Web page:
More cases recorded as Kyotera strange disease puzzles medics

Mr Joseph Mazzi (left), a survivor of the strange disease, speaks to Mr Emax Kintu,  the Kyotera Disrict health educator, in Kyamayembe Village last weekend. PHOTO/ AMBROSE MUSASIZI

What you need to know:

  • Leaders say many people have lost hope of surviving.

Fresh samples taken from victims of a strange disease, which hit Kabira Sub-county in Kyotera District a month ago, have turned out negative to anthrax following laboratory tests.

Dr Edward Muwanga, the district health officer, said the samples were taken from two people in Kyamayembe Village and delivered to the Uganda Virus Research Institute (UVRI) in Entebbe on November 19.
The samples were tested on the following day (November 20) and the results tested negative for Anthrax.

Anthrax is caused by a bacteria known as Bacillus anthracis. Humans generally acquire the disease directly or indirectly from infected animals or occupational exposure to affected or contaminated animal products.
“We took blood samples from Mr Joseph Mazzi, 63, and Ms Florence Namisango, 45, who are all residents of Kyamayembe Village but the results showed that there was no sign of anthrax,” he said in an interview on Wednesday.

Latest reports from the affected villages of Kyamayembe, Bugera, Nakatoogo in Bwamijja Parish and Mabaale, Kabutooke and Kyanika in Kyanika Parish indicate that more than 30 people have contracted the strange disease, bringing the number of patients to 40.

Death toll
 The death toll has also risen from 12 to 14.
The latest residents to succumb to the strange disease are John Lubambula of Mabaale and Gyaviira Kalanda, 48, a resident of Kyanika Village who were buried on November 10 and November 17, respectively. Both suffered a few rashes on their hands before dying.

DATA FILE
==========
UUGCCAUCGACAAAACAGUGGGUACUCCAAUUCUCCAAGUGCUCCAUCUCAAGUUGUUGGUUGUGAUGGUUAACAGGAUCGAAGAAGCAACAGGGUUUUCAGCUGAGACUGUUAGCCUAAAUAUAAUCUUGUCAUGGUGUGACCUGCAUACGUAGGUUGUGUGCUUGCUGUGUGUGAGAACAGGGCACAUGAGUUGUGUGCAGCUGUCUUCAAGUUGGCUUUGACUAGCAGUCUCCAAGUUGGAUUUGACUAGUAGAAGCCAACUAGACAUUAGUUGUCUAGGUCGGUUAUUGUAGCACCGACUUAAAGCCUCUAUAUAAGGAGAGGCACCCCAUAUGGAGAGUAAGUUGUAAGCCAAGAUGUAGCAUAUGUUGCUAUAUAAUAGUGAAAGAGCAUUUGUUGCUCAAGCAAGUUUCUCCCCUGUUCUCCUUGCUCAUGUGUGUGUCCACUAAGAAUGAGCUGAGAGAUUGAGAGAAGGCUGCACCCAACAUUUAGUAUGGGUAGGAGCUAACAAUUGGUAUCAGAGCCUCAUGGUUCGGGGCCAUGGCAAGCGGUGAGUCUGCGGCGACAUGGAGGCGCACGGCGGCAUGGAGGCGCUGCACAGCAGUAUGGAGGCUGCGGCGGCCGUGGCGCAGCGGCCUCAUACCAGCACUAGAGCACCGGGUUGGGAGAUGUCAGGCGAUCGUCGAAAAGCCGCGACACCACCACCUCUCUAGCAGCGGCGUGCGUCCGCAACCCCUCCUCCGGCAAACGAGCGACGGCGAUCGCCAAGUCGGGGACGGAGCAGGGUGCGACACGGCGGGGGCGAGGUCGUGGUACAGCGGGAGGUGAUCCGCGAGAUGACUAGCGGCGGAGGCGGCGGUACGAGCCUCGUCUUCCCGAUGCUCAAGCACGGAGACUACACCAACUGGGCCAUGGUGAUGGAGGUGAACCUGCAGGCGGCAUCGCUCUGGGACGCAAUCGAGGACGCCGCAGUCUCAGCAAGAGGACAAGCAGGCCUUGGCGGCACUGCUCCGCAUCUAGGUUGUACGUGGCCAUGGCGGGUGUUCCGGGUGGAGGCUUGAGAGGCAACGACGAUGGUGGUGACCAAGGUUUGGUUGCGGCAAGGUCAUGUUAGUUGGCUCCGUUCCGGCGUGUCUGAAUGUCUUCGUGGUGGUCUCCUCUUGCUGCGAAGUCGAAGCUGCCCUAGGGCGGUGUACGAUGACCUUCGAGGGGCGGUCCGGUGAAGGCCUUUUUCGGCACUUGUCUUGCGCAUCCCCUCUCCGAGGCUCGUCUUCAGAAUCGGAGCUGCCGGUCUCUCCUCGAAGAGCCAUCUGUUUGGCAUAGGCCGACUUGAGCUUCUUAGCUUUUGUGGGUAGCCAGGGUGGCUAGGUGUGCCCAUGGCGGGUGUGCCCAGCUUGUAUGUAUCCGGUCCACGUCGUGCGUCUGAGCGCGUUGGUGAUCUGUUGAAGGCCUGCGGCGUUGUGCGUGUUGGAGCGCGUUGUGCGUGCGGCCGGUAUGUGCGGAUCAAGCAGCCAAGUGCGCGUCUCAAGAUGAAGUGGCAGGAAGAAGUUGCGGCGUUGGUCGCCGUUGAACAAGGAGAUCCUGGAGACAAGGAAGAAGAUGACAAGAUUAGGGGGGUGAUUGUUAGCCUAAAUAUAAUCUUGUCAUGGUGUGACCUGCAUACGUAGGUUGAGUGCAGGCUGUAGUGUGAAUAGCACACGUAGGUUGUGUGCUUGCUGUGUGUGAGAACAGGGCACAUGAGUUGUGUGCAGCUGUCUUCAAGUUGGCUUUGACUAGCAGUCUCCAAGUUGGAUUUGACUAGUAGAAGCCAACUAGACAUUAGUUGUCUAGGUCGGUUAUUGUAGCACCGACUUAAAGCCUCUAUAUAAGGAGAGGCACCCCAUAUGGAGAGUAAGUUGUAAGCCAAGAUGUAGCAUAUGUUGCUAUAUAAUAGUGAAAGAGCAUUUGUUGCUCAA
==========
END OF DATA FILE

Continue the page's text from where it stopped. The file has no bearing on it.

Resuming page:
Ms Regina Nakalyango, the councillor representing Kabira Sub-county, said the numbers of people contracting the disease is increasing by the day and many have lost hope of surviving.
“People in our villages are living in fear due to the impact of this strange disease. The worst part is they believe in traditional healing since the medics have also failed to find answers to the deadly disease,” she said.

Dr Muwanga urged all residents in the area and their leaders to accept to be tested by medics so that the cause of death is identified.
He also hinted on the cellulitis disease locally known as ‘ettalo’ which the district health team is  focusing on.
“We are still waiting for the next set of results, but looking at the signs and symptoms, it is possible that it is cellulitis killing the people,” he said.

Mr Emmanuel Ainebyoona, the Ministry of Health spokesperson, said their team is already on ground to ascertain the cause of death.
“We shall talk about the said strange disease when the final results are out, not now,” he said.

In July last year, the district was hit by what was at first believed to be a strange disease, which killed 13 residents in Kijonjo Parish, Kasasa Sub-county.
The Ministry of Health later came out and named the illness as cellulitis, locally known as ettalo. Victims were presenting signs and symptoms such as vomiting, diarrhoea, headache and bleeding.